Working in an isolated house without amenities high in the Alps, Manfredi often used music to get in the right mood for the episode to be told. "I worked for fourteen months straight, nine or ten hours a day, no vacation, no Sundays, just full immersion," Manfredi recalled to Bookseller interviewer Benedicte Page. "At the end I was exhausted, and of course the book was not perfect, but it was full of emotions—I was totally involved in the world." The world of Alexander, that is, which Manfredi recreated in his mind from the numerous bits of information he amassed as a scholar of the classical world. Manfredi portrays Alexander's boyhood as the son of Philip of Macedon and his queen, Olympias. As well as a military education, Alexander received an intellectual education at the hands of Aristotle. At age nineteen, Alexander took over the kingship after his father was murdered, and he began his famous campaigns to conquer the known world.

Critics noted the authenticity of Manfredi's portrayal of the ancient world. Books reviewer Fred Newman praised Manfredi for his attention to detail, stating, "His detailed knowledge of the ancient world has been skilfully woven into the fabric of Alexander." So too, Christopher remarked, "What distinguishes Manfredi's trilogy is the spicy authenticity of his scenarios: the food, clothes, songs, swear words, characters, and provenance of the prostitutes sets pulses racing. Even the dialogue has been shrimped from the plays and comedies of the time."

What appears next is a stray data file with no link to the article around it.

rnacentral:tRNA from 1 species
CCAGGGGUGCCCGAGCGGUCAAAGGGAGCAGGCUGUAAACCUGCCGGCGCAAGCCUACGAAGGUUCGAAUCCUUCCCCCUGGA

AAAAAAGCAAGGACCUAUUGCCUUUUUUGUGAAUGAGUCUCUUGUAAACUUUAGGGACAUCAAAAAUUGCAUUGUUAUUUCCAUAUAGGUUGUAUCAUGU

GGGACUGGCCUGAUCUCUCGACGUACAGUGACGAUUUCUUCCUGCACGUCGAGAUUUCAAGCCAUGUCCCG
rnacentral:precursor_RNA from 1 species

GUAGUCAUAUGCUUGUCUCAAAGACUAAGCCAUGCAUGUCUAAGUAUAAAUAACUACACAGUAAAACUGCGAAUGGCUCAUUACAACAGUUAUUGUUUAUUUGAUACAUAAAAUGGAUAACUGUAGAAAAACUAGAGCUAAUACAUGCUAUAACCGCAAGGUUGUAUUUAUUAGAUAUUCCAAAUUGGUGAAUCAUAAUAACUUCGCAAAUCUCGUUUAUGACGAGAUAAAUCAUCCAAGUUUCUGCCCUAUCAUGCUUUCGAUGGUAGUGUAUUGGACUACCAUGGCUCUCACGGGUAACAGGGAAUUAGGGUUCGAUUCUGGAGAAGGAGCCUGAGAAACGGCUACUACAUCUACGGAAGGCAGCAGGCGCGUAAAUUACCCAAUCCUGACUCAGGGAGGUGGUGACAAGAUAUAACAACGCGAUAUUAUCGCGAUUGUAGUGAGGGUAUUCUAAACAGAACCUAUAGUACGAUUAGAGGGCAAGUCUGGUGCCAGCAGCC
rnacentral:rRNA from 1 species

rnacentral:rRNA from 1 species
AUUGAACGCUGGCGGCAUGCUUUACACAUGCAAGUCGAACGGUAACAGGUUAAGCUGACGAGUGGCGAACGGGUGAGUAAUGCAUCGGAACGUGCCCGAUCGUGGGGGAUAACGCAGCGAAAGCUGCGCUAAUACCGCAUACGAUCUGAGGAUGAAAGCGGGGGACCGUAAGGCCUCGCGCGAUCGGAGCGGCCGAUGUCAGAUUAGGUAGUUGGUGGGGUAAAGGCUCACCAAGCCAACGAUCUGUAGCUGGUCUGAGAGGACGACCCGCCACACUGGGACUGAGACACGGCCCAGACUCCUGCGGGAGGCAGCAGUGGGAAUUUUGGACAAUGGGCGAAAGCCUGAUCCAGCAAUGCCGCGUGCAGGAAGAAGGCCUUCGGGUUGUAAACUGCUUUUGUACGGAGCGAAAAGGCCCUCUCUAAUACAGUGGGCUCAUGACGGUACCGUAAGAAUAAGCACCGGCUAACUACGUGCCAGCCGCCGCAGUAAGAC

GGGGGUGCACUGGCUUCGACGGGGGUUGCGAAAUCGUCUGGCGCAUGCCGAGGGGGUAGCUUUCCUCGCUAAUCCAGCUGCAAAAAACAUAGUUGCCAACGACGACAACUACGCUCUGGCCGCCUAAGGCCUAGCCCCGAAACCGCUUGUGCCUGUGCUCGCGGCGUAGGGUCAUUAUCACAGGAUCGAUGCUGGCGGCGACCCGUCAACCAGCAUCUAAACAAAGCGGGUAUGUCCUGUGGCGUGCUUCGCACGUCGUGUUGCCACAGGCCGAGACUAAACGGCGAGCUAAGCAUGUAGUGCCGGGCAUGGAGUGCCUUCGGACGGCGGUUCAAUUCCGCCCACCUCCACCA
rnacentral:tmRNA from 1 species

According to several critics, the trilogy contains some flaws, however. In a review of the audiobook version for the London Times, Sue Townsend commented that the "prose is purple at times," and in Publishers Weekly a reviewer remarked that, although Manfredi "balances the action and characterization that brings Alexander and Memnon to life," he omits potentially interesting personality details and the writing style is rather flat. Times Literary Supplement's Emily Wilson noted that though Manfredi has "tried hard to be true to the historical and literary sources, . . . there are some odd scholarly slips." She felt, moreover, that the "novels come alive only in the battle scenes." Despite any perceived flaws, Karen Robinson of the London Times described the three-volume tale as "gripping stuff."



Bookseller, August 17, 2001, Benedicte Page, "Manfredi the Conqueror," p. 38.

Books Magazine, spring, 2001, Fred Newman, "Fear and Loathing in Ancient Greece," pp. 14-15.

Publishers Weekly, March 4, 2002, review of Alexander: The Sands of Ammon, pp. 58-59.

Times (London, England), August 8, 2001, James Christopher, "Alexander's Bigtime Fans," p. 22; March 2, 2002, Sue Townsend, review of Alexander: Child of a Dream (audiobook), p. 17; March 3, 2002, Karen Robinson, review of Alexander: Child of a Dream (audiobook), p. 45.

Times Literary Supplement, February 8, 2002, "Superman in Sandals," p. 23.*